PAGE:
St. Paul's During the COVID-19 Pandemic
In the beginning...
Like everyone else, the people of St. Paul's were surprised by the rapid spread of COVID-19 which quickly became a world-wide pandemic. In March of 2020, stay at home orders were issued and we were required to close the sanctuary. The church was empty, but our hearts were full. We continued to love our neighbors, pray for those in need, and provide food for the hungry. We found new ways to worship and supported each other in every way we could think of.
We were disappointed and overwhelmed when we realized that we could not be together for Easter that year. We had hoped the isolation would only last a few weeks. Little did we know that we would be apart the following Easter as well. It was not until June of 2021 that we were able to welcome in-person worshippers back in the sanctuary. Still, we kept our spirits up remembering that all of the sacrifices we made were out of LOVE for our neighbors.
Here is an excerpt of the sermon the first Sunday we were apart. In it, Rev. Susan prayed,
"May the only thing we spread to one another this week be this amazing, abundant, radiant, life-giving, sin-forgiving, and joy-sustaining love.
Love seeks the good and welfare of others. Jesus went to the cross for the wellbeing of others. He did it to show what love looks like. Our empty church is what love looks like today. God so loved the world that he gave his only son that everyone who believes in him shall not perish but have eternal life. (John 3:16) We, the congregation of St. Paul’s, Ventura, so love the world that we have given up gathering for worship. We have sacrificed a lot. Let us offer to God, on behalf of our neighbors, this sacrifice. This is a new Lenten commitment for us – not gathering. May our not gathering be a disciplined labor or love.
These are interesting times. Today, our empty church is what love looks like. Today, people sitting faithfully in front of their screens, worshiping God online instead of going to church, is what love looks like. Today, neighbors sharing what they have and giving up some hand sanitizer or toilet paper to someone in need is what love looks like.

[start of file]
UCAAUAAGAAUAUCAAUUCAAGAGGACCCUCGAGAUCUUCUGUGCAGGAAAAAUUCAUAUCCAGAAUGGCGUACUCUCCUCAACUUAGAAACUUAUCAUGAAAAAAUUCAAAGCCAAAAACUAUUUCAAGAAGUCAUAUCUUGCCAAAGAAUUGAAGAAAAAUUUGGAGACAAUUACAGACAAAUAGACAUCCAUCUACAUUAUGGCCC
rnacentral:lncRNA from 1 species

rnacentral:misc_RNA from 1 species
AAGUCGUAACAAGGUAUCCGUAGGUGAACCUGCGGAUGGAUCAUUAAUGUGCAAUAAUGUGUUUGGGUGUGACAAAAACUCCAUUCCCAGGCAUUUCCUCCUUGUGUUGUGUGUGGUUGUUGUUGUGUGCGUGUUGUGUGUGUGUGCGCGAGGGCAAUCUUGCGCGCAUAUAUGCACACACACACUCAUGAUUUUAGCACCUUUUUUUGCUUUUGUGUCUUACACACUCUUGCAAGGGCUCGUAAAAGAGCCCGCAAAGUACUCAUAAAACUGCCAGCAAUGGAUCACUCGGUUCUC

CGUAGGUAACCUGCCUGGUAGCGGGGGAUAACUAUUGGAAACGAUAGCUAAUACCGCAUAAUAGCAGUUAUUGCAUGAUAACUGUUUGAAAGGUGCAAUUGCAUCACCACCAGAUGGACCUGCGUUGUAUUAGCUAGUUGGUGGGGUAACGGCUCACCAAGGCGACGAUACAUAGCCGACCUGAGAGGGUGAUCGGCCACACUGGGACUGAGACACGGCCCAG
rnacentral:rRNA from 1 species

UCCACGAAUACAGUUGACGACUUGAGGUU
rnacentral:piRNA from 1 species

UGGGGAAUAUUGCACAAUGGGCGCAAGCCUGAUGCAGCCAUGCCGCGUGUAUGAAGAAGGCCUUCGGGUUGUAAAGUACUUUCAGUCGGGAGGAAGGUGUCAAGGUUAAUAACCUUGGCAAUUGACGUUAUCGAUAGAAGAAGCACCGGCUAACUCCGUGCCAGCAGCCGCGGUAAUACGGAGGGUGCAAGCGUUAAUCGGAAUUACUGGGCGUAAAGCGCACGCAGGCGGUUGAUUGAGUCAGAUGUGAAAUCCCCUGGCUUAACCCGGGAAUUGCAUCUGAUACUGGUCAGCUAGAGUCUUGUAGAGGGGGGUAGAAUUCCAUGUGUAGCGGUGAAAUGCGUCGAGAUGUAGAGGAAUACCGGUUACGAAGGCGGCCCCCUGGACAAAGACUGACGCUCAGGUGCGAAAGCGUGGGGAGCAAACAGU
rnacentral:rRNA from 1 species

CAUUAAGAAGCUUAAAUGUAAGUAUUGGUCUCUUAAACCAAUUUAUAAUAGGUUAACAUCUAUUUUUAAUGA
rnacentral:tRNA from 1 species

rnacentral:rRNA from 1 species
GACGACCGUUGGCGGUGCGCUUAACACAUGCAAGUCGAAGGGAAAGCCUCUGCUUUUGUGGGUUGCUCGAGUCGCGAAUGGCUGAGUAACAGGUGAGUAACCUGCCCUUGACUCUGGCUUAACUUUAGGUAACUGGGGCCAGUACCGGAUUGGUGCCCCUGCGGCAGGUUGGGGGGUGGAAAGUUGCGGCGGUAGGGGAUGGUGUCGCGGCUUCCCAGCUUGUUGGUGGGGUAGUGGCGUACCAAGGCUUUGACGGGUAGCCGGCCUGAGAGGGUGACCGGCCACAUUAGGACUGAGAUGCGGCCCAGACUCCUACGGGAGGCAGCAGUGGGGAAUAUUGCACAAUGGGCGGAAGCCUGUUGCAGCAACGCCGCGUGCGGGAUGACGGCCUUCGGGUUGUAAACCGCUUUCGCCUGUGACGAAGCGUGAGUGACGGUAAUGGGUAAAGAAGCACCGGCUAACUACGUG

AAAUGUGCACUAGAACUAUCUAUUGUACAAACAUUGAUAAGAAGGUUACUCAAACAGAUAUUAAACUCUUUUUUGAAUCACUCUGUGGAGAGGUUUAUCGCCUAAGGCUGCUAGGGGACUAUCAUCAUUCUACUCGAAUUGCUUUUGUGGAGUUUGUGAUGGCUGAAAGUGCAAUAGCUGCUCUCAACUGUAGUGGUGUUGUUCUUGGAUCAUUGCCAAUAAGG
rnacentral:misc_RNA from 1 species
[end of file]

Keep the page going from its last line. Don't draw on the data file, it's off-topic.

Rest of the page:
We think not just of ourselves but of our neighbors, especially those who are most vulnerable. Realizing that our choices effect our brothers and sisters, we have no choice but to take these precautions."
While we were apart, two production teams came together to produce online services. Some of our services were recorded in the church and livestreamed through Facebook, YouTube and our website. Other services were recorded on a platform called Zoom and fully edited. For these we could add recorded music and edit beautiful images to go along with the services. To keep from overwhelming our staff and volunteers, we rotated the type of service every other week.
Families found this time particularly challenging so we sent Family Fun Activity Packages with Sunday School lessons and ideas of fun and engaging projects for families along with all the supplies needed to use them.
The Return from Exile
When we were first able to welcome worshippers back into the sanctuary, we developed new safety protocols and carefully marked off every other pew. Seating Coordinators helped check people in for services and assigned them seats so that distance could be maintained. Masks were worn, and no singing was allowed. Eucharist was offered in one kind only, the bread. It was nearly one year later before we could begin to offer wine with Eucharist again.
Still, people were thrilled to be together in our church again. Those who were not comfortable with in-person worship watched from home and enjoyed the online services.
Because of a generous bequest left by a faithful, long-time member of the congregation, Judy MacGregor, a video production project was funded and we began purchasing equipment that would dramatically improve the quality of our online services. Several new cameras were added and a production desk set up in the side chapel where services could be recorded and livestreamed.
A Silver Lining
Even in times of adversity, God is always present and blessings abound. Though the pandemic has been hard on the church and our members, if you include the many people watching online each Sunday, our attendance has increased dramatically. It's wonderful to welcome newcomers both in person and online.
As the pandemic runs it's course and we enter new phases of it, we continue to offer prayers for our members, our community and the world. Of course we are also praying for everyone in our community! If you need pastoral care or have prayer requests, please email or call and let us know by emailing us at [email protected]
St. Paul's offers Sunday Services both In-Person and Online
Please note that out of love and concern for those among us who are at greatest risk, we ask that everyone attending Sunday services wears a mask in the sanctuary. We appreciate your cooperation. You are a living example of what LOVE looks like. Thank you!